It’s bioassessment time!
Each spring, the Estuary Program heads out to ten creeks sites throughout the Morro Bay watershed to conduct bioassessment surveys. These surveys help us better understand creek conditions. We measure things like the size of rocks on the creek bottom and the amount of water in the creek. We also collect benthic macroinvertebrate samples from each survey location.
Macroinvertebrates indicate creek conditions
Benthic macroinvertebrates, or simply BMIs, are bottom-dwelling insects or insect larvae that can be seen with the naked eye. BMIs are a tool to assess creek conditions, since the variety and abundance of certain species can be a reliable indicator of water quality and habitat conditions.
Each year the Estuary Program collects BMI data for comparison to a dataset that spans back to the early 1990s. This long-running dataset helps provide insight on how watershed conditions are changing over time.
2022 season recap
This year’s bioassessment season was completed primarily by Estuary Program monitoring staff with additional support from the students of Cal Poly’s Natural Resources Management Program and the AmeriCorps Watershed Stewards Program (WSP). Our collaborative team was able to complete ten surveys, including three on the mainstem of Chorro Creek and seven along Chorro Creek tributaries. Due to access limitations, no surveys were conducted in the Los Osos Creek subwatershed.
Spring surveys kicked off in early April and were completed by the first week of May. During dry years, surveys have to happen early before creeks go dry. For more information on how we choose our sites for the year, check out this blog post on preparing for the 2022 season.
Life in our creeks
One of the most exciting parts of bioassessment monitoring is all of the wildlife we encounter. Each year, our survey teams find a variety of local wildlife including invertebrates, lizards, snakes, and fish. Occasionally our crews might also find small mammals or tracks of larger mammals who use the creek as a source of food and water.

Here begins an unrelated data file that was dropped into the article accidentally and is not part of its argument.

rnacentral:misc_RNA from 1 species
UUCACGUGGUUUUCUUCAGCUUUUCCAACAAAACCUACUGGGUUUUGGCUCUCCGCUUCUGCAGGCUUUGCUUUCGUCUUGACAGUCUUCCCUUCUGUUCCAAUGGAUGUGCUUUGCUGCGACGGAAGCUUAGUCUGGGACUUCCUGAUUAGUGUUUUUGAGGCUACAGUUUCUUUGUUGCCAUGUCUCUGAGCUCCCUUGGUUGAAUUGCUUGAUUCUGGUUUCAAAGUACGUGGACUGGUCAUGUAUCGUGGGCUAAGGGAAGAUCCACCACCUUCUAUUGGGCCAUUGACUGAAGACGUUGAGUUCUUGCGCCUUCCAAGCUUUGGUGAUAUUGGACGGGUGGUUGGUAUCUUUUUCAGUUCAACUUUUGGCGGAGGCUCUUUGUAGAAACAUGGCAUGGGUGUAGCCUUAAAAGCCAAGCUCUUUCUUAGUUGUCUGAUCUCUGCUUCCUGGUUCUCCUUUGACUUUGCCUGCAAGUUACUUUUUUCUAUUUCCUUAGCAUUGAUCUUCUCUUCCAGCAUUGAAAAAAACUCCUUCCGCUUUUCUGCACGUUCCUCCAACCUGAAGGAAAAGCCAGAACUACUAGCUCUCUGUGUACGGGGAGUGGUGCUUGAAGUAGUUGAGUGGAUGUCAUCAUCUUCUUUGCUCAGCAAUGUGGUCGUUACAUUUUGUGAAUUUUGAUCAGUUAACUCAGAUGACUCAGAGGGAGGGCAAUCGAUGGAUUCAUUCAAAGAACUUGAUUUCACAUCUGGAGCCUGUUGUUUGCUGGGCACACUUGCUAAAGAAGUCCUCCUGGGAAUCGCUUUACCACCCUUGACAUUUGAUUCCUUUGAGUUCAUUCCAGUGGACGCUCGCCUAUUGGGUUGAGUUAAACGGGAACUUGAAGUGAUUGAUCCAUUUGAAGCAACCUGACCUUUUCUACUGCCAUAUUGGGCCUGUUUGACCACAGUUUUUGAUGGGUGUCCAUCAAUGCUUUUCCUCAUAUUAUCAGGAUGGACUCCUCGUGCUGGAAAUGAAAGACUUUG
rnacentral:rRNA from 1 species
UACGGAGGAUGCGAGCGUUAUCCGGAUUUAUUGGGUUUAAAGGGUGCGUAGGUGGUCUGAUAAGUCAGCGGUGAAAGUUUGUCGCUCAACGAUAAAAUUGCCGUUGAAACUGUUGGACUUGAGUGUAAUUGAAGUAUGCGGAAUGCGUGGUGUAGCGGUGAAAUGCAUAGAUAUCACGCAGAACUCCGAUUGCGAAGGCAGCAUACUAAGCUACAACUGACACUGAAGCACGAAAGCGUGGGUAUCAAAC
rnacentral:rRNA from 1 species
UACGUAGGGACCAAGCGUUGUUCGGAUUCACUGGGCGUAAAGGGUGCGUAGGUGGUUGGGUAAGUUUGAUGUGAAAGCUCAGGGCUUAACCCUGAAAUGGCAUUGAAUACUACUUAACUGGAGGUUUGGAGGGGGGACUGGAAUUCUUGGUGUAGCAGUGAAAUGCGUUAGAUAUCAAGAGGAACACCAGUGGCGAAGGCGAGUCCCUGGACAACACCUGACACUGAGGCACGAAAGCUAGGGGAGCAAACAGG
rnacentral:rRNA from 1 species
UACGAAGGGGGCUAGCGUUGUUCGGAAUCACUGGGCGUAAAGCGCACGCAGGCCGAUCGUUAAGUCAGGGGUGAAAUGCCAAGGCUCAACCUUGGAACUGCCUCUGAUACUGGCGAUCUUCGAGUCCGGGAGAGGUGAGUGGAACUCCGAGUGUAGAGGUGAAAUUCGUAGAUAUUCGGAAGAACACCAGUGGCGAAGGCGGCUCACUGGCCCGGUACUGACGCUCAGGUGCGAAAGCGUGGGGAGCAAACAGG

A few of this year’s sightings included the southern alligator lizard (Elgaria multicarinata), coast range fence lizard (Sceloporus occidentalis), and valley garter snake (Thamnophis sirtalis). Staff also spotted a number of mating California newts (Taricha torosa) this season.
During this year’s survey effort, staff encountered mating newts
Poison oak galore
All fieldwork comes with certain inherent risks. One of the most prevalent hazards in riparian areas is poison oak. This sneaky three-leafed plant is notorious for causing rashes and irritation and is a common sight throughout our watershed.
This photo shows a dense cover of poison oak at a bioassessment site on Dairy Creek. Staff were able to collect all necessary data while avoiding this hazard.
The most reliable way to prevent poison oak contact is to physically cover ourselves head-to-toe to prevent any plant-to-skin contact. Full-body coveralls can be highly effective poison oak PPE, especially when combined with gloves and safety glasses. Our survey crew sported this look for our Dairy Creek survey, and we’re proud to say that everyone came out unscathed!
Bugs to the lab!
Now that our spring surveys are completed, all of our bug samples have been sent to a certified taxonomy lab for sorting and identification. In a few months’ time, the lab will send us a file with the results from our macroinvertebrate sampling.
We are excited to share the results of our 2022 season when we hear back from the lab later this summer.
Thank you to the Harold J. Miossi Charitable Trust
This monitoring effort is made possible by a grant from the Harold J. Miossi Charitable Trust, which has supported the project for nearly ten years. The Miossi Trust is responsible for contributing over $100,000 since 2013, and their generous support makes possible this valuable long-running dataset. The Trust has already pledged funding for our bioassessment efforts in 2023 and 2024.
Help us protect and restore the Morro Bay estuary!
- Donate to the Estuary Program today and support our work in the field, the lab, and beyond.
The Estuary Program is a 501(c)3 nonprofit. We depend on funding from grants and generous donors to continue our work.
- Support us by purchasing estuary-themed gear from ESTERO. This locally owned and operated company donates 20% of proceeds from its Estuary clothing line and 100% of Estuary decal proceeds to the Estuary Program. Thank you, ESTERO!
- Purchase items from the the Estuary Program’s store on Zazzle. Zazzle prints and ships your items, and the Estuary Program receives 10% of the proceeds. Choose from mugs, hats, t-shirts, and even fanny packs (they’re back!) with our fun Estuary Octopus design or our Mutts for the Bay logo.
Thank you for helping our beautiful, bountiful, biodiverse bay!